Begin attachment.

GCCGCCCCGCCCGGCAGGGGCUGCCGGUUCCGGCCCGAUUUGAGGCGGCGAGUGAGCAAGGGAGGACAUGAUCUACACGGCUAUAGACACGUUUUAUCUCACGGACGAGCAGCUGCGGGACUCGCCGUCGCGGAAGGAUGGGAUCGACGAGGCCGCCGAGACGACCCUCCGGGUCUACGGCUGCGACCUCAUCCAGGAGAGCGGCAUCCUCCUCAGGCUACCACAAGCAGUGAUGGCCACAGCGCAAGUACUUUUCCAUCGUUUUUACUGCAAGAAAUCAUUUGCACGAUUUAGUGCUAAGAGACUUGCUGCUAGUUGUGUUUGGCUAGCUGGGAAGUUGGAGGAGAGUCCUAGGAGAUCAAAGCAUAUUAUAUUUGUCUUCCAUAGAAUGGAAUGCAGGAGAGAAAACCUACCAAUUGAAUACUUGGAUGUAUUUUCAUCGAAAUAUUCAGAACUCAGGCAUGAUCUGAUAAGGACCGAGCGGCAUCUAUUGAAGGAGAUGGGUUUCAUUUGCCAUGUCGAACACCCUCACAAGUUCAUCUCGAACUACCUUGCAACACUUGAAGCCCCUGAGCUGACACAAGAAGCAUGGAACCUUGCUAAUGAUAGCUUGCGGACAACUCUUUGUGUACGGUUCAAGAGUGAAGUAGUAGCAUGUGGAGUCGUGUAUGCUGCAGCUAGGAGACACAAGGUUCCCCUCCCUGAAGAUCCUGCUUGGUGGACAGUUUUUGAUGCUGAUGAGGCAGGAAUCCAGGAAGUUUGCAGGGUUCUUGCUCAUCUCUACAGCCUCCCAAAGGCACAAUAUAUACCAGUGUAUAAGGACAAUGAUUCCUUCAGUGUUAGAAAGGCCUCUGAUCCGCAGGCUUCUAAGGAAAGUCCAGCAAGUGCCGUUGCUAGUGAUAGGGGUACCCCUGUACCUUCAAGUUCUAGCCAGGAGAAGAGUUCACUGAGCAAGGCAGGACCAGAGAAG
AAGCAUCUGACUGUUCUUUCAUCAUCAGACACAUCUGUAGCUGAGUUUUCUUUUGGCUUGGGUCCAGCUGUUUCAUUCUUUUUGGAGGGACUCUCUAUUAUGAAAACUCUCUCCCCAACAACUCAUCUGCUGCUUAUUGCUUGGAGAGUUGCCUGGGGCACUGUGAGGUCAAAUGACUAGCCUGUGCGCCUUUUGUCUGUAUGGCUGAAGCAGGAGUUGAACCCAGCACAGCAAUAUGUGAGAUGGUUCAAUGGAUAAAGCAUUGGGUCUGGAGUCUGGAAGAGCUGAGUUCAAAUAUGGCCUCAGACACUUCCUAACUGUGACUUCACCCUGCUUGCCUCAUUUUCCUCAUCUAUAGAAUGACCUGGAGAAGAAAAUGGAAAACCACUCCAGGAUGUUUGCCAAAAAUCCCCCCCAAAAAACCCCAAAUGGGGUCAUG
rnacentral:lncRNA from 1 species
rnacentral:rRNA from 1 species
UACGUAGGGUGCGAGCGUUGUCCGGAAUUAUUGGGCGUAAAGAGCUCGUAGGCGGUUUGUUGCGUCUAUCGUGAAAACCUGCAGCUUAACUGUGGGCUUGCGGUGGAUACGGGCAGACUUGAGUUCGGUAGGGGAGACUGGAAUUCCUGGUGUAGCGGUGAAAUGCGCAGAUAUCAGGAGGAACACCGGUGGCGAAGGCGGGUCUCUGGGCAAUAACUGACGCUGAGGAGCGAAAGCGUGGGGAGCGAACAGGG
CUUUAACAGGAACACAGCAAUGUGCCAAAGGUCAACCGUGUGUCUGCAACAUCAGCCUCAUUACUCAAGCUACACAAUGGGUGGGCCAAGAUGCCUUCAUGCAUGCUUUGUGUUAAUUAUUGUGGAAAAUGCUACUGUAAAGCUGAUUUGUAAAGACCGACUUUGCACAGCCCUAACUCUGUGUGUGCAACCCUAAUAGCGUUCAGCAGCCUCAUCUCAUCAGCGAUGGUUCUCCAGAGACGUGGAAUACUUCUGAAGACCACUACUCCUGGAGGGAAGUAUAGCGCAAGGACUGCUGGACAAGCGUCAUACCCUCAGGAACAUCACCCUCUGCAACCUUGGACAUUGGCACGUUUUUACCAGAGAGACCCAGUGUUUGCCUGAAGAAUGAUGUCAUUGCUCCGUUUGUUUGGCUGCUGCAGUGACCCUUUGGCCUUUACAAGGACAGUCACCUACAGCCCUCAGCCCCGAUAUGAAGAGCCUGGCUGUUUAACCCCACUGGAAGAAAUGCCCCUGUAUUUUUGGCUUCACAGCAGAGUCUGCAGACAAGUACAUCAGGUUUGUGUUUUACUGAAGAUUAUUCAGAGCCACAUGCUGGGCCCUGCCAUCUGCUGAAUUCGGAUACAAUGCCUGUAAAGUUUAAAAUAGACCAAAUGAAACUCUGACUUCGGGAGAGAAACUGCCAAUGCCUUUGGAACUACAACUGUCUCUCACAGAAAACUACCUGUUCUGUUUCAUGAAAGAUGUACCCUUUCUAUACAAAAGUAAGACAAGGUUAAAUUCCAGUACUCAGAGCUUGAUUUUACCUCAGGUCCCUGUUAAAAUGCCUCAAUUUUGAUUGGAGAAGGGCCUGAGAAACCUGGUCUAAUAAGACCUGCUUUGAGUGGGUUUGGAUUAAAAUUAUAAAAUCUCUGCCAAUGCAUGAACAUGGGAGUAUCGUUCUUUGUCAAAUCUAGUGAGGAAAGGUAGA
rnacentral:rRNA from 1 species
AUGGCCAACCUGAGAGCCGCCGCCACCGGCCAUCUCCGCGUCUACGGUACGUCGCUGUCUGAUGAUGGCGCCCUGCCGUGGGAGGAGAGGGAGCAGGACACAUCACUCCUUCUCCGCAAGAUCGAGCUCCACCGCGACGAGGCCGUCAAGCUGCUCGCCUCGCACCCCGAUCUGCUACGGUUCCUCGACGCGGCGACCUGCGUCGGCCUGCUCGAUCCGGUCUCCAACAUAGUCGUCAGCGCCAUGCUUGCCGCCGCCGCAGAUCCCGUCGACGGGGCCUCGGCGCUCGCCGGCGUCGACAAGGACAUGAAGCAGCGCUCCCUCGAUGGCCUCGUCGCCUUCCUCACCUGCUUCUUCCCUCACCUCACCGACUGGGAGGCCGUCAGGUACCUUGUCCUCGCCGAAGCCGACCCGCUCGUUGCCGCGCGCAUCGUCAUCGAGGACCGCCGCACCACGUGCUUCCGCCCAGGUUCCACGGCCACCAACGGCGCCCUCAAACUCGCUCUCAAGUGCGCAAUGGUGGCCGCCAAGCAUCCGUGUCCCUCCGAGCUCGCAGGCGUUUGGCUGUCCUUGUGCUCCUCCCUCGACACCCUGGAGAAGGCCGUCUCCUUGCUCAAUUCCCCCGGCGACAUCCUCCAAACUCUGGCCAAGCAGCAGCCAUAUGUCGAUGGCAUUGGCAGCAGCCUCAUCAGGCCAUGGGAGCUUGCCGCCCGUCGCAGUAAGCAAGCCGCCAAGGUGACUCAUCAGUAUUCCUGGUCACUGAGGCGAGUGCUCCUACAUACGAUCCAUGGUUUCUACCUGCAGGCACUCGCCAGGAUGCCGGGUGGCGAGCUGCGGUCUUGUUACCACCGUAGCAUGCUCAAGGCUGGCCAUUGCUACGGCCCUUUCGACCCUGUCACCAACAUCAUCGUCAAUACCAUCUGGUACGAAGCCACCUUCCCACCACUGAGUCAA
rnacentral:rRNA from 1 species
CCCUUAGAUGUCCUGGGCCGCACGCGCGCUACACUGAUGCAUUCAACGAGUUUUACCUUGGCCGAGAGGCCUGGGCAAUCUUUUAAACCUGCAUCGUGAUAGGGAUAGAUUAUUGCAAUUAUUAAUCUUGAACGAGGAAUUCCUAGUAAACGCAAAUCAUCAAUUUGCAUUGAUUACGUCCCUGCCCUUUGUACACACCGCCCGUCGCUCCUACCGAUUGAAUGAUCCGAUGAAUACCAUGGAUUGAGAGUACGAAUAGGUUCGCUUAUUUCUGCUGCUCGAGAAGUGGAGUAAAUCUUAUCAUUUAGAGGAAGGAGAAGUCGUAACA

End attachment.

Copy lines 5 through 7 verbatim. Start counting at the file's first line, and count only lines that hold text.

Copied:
UACGUAGGGUGCGAGCGUUGUCCGGAAUUAUUGGGCGUAAAGAGCUCGUAGGCGGUUUGUUGCGUCUAUCGUGAAAACCUGCAGCUUAACUGUGGGCUUGCGGUGGAUACGGGCAGACUUGAGUUCGGUAGGGGAGACUGGAAUUCCUGGUGUAGCGGUGAAAUGCGCAGAUAUCAGGAGGAACACCGGUGGCGAAGGCGGGUCUCUGGGCAAUAACUGACGCUGAGGAGCGAAAGCGUGGGGAGCGAACAGGG
CUUUAACAGGAACACAGCAAUGUGCCAAAGGUCAACCGUGUGUCUGCAACAUCAGCCUCAUUACUCAAGCUACACAAUGGGUGGGCCAAGAUGCCUUCAUGCAUGCUUUGUGUUAAUUAUUGUGGAAAAUGCUACUGUAAAGCUGAUUUGUAAAGACCGACUUUGCACAGCCCUAACUCUGUGUGUGCAACCCUAAUAGCGUUCAGCAGCCUCAUCUCAUCAGCGAUGGUUCUCCAGAGACGUGGAAUACUUCUGAAGACCACUACUCCUGGAGGGAAGUAUAGCGCAAGGACUGCUGGACAAGCGUCAUACCCUCAGGAACAUCACCCUCUGCAACCUUGGACAUUGGCACGUUUUUACCAGAGAGACCCAGUGUUUGCCUGAAGAAUGAUGUCAUUGCUCCGUUUGUUUGGCUGCUGCAGUGACCCUUUGGCCUUUACAAGGACAGUCACCUACAGCCCUCAGCCCCGAUAUGAAGAGCCUGGCUGUUUAACCCCACUGGAAGAAAUGCCCCUGUAUUUUUGGCUUCACAGCAGAGUCUGCAGACAAGUACAUCAGGUUUGUGUUUUACUGAAGAUUAUUCAGAGCCACAUGCUGGGCCCUGCCAUCUGCUGAAUUCGGAUACAAUGCCUGUAAAGUUUAAAAUAGACCAAAUGAAACUCUGACUUCGGGAGAGAAACUGCCAAUGCCUUUGGAACUACAACUGUCUCUCACAGAAAACUACCUGUUCUGUUUCAUGAAAGAUGUACCCUUUCUAUACAAAAGUAAGACAAGGUUAAAUUCCAGUACUCAGAGCUUGAUUUUACCUCAGGUCCCUGUUAAAAUGCCUCAAUUUUGAUUGGAGAAGGGCCUGAGAAACCUGGUCUAAUAAGACCUGCUUUGAGUGGGUUUGGAUUAAAAUUAUAAAAUCUCUGCCAAUGCAUGAACAUGGGAGUAUCGUUCUUUGUCAAAUCUAGUGAGGAAAGGUAGA
rnacentral:rRNA from 1 species